UNiTE Campaign Launched in the Caribbean
Minister of Labour, Dr. The Honourable Esther Byer-Suckoo, delivering the opening remarks as the members of the head table look on (from left - Dr. Sandra Dean-Patterson, Director, The Bahamas Crisis Centre; Latin America and the Caribbean Chief of UNIFEM (part of UN Women) Gladys Acosta, British High Commissioner, His Excellency Mr. Paul Brummell and Ms. Michelle Gyles-McDonnough, UN Resident Coordinator, Barbados and the Eastern Caribbean.
In a message delivered at the Caribbean launch of the UNiTE to End Violence Against Women Campaign, the United Nations Secretary General stressed that everyone must be involved. The meeting titled: Strengthening Accountability and Changing Culture to End Violence against Women in the Caribbean was held in Barbados, 11th-12th October 2010.
The meeting is being attended by Attorneys General, Chief Justices, members of the judiciary, senior representatives of regional police forces as well as stakeholders from civil society organisations from across the Caribbean.
Secretary General Ban Ki Moon said: "I am glad that so many ministers, civil society representatives and artists from around the region are taking part in this launch. This campaign must involve everyone, from schools and street markets to parliament and the courts of justice."
The Secretary General welcoming the intent to discuss the underlying causes, costs and consequences of gender-based violence in the Caribbean region, noted: "This violence, here and elsewhere, may have complex historical and cultural roots which must be understood before they can be tackled."
United Nations Resident Coordinator for Barbados and the Eastern Caribbean, Ms. Michelle Gyles-McDonnough told the meeting participants that this Caribbean launch feeds into and contributes to the global campaign.
"Regrettably, like everywhere, levels of violence against women in the Caribbean are high," the Resident Coordinator added. She says the meeting would focus on deepening the understanding on the causes, the consequences and responses to gender-based violence in the Caribbean; building a consensus on law and social policy reform and implementation goals, within the context of the Secretary General's Campaign, that can bring meaningful change to the lives of women and girls in the Caribbean and the full enjoyment of human rights.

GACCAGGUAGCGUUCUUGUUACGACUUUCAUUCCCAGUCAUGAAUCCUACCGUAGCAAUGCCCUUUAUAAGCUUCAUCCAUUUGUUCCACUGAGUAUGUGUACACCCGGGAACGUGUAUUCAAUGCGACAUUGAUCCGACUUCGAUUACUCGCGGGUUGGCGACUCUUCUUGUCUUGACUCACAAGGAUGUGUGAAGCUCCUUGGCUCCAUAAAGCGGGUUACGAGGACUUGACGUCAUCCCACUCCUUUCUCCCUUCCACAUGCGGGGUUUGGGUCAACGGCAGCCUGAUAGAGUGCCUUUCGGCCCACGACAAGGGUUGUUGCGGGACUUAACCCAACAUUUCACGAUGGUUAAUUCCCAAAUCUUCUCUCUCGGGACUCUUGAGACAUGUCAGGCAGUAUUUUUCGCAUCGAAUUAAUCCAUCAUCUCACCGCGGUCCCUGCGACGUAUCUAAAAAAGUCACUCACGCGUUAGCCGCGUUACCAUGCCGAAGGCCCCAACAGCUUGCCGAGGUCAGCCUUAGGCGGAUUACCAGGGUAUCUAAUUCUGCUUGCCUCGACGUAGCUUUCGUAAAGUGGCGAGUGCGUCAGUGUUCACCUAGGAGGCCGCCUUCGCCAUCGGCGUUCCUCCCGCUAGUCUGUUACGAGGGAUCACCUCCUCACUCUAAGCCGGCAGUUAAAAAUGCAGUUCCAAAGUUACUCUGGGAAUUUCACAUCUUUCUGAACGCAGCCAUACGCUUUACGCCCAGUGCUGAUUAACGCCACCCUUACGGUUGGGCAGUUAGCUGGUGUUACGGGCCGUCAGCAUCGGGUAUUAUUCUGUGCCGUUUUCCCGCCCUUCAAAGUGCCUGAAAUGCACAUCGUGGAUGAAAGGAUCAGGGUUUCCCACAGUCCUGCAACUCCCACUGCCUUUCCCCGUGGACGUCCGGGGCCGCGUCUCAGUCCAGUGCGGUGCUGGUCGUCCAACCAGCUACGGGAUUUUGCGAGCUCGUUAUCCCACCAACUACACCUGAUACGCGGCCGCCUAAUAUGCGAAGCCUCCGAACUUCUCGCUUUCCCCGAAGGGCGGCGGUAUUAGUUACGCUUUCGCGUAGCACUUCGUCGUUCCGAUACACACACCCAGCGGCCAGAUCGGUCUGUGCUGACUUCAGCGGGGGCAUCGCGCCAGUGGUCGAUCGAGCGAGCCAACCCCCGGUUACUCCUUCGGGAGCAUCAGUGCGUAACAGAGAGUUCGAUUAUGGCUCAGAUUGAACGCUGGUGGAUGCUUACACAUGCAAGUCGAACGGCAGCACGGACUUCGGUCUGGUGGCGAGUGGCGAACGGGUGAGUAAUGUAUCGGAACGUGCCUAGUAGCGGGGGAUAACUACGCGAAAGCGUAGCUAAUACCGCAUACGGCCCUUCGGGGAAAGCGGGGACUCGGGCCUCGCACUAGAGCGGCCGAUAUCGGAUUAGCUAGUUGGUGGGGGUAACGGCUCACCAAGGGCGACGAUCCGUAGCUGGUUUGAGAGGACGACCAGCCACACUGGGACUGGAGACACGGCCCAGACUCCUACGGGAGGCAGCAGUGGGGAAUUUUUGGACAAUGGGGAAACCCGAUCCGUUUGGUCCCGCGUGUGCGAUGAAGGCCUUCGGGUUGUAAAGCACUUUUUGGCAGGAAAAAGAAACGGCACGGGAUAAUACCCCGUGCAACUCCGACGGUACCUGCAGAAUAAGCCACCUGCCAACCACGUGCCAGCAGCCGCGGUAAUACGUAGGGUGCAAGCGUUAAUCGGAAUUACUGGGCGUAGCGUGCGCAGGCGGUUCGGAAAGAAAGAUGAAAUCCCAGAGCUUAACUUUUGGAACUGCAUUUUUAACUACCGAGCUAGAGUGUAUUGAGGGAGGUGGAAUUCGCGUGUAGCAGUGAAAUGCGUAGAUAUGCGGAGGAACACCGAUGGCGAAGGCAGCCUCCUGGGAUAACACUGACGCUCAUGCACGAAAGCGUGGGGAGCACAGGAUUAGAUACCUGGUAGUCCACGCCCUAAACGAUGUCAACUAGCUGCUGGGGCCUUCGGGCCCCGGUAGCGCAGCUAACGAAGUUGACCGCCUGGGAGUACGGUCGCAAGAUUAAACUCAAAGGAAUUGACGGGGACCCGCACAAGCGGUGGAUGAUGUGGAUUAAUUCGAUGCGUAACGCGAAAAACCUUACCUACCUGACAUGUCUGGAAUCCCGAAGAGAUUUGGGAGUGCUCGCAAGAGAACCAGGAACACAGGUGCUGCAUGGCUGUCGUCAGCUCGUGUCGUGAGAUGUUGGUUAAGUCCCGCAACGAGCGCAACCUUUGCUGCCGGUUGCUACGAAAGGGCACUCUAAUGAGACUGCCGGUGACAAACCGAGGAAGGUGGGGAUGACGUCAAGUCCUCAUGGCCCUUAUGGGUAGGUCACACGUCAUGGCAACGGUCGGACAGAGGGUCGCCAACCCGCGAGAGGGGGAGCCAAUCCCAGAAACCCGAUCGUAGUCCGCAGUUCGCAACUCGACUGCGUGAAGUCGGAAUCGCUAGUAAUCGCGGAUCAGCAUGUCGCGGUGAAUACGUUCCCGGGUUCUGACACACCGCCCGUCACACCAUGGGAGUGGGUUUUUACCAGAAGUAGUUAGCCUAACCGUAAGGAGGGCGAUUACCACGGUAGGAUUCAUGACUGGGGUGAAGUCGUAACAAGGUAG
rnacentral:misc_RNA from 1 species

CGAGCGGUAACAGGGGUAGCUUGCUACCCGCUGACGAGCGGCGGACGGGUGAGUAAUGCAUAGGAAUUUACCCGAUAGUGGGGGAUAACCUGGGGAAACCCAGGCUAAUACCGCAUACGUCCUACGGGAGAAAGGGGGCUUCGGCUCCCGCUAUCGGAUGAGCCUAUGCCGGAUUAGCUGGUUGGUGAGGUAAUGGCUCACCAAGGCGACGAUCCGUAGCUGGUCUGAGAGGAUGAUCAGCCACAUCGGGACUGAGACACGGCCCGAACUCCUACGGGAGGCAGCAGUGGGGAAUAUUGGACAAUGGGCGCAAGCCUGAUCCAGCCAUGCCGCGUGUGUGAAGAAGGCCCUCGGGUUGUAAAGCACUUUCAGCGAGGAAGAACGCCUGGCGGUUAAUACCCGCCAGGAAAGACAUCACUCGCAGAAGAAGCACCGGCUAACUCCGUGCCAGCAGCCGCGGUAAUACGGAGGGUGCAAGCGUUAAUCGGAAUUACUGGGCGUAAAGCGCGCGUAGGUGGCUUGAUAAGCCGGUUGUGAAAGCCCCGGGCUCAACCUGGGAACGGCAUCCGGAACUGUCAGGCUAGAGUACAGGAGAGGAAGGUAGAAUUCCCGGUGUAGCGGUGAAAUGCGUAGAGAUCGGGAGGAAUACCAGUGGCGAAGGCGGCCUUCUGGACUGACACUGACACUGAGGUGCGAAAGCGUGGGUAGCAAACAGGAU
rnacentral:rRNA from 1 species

UNIFEM (Part of UN Women) Regional Director for Latin America and the Caribbean, Ms. Gladys Acosta stressed that the meeting signalled another firm commitment of action where the Caribbean Member States were embarking on a far-reaching dialogue on the needed actions to address all forms of violence against women and in so doing strengthening accountability and the full enjoyment of human rights.
The UN's commitment to ending gender-based discrimination has been reaffirmed by actions taken to establish the UN Entity for Gender Equality and the Empowerment of Women - UN Women and further strengthened with the recent appointment of Ms. Michele Bachelet, a dynamic global leader, to head this new entity, said Ms. Acosta.
In addition, the recently concluded special summit on the Millennium Development Goals sent a clear message that the realization of the rights of women and children must be at the very core of our final push to attain these Goals by the deadline of 2015.
Dr the Honourable Esther Byer- Suckoo, Minister of Labour in her remarks, noted that the journey towards ending violence against women had started a long time ago, and while more was known about the issues that will influence changes in behaviour, knowledge, legislation, and policy were not enough.
"People must in fact relate the changes to personal benefits first and then other benefits must be perceived," Minister Byer-Suckoo noted.
"To prove the point, we must make the linkage between domestic violence and the social and economic cost to the individual, the family and the state. It is unfortunate, that we must reduce it to figures, but there is a general acceptance, that money talks. So there is money talking when we utilize our hospital and other health services. Money talks when we pay for the use of police and other judicial services in the quest for protection orders, sittings of the judges and the magistrates. Money talks when there is a reduction or loss of productivity. And we could go on and on and count the economic and social cost of domestic violence."
In addition, the Presidents of the International Tribunals for former Yugoslavia and Rwanda, Judge Patrick Robinson - a Jamaican national- and a native of Saint Kitts and Nevis, Sir Dennis Byron also participated in the conference sharing the lessons that have been learnt at the international level and how can those lessons be translated in strengthening the law response at the national domestic levels.
Additionally, audios from the Conference are available on the Radio Internacional Feminista website at - http://www.fire.or.cr/index.php/english-home/qunite-to-end-violence-against-women
Material on the global UNiTE Campaign is available at www.unite.org. For additional information on the Caribbean Campaign, please contact UNIFEM (part of UN Women) EVAW Specialist Tonni Ann Brodber, [ Click to reveal ] , 1-246-467-6000 or Communications Specialist - Sharon Carter-Burke, [ Click to reveal ].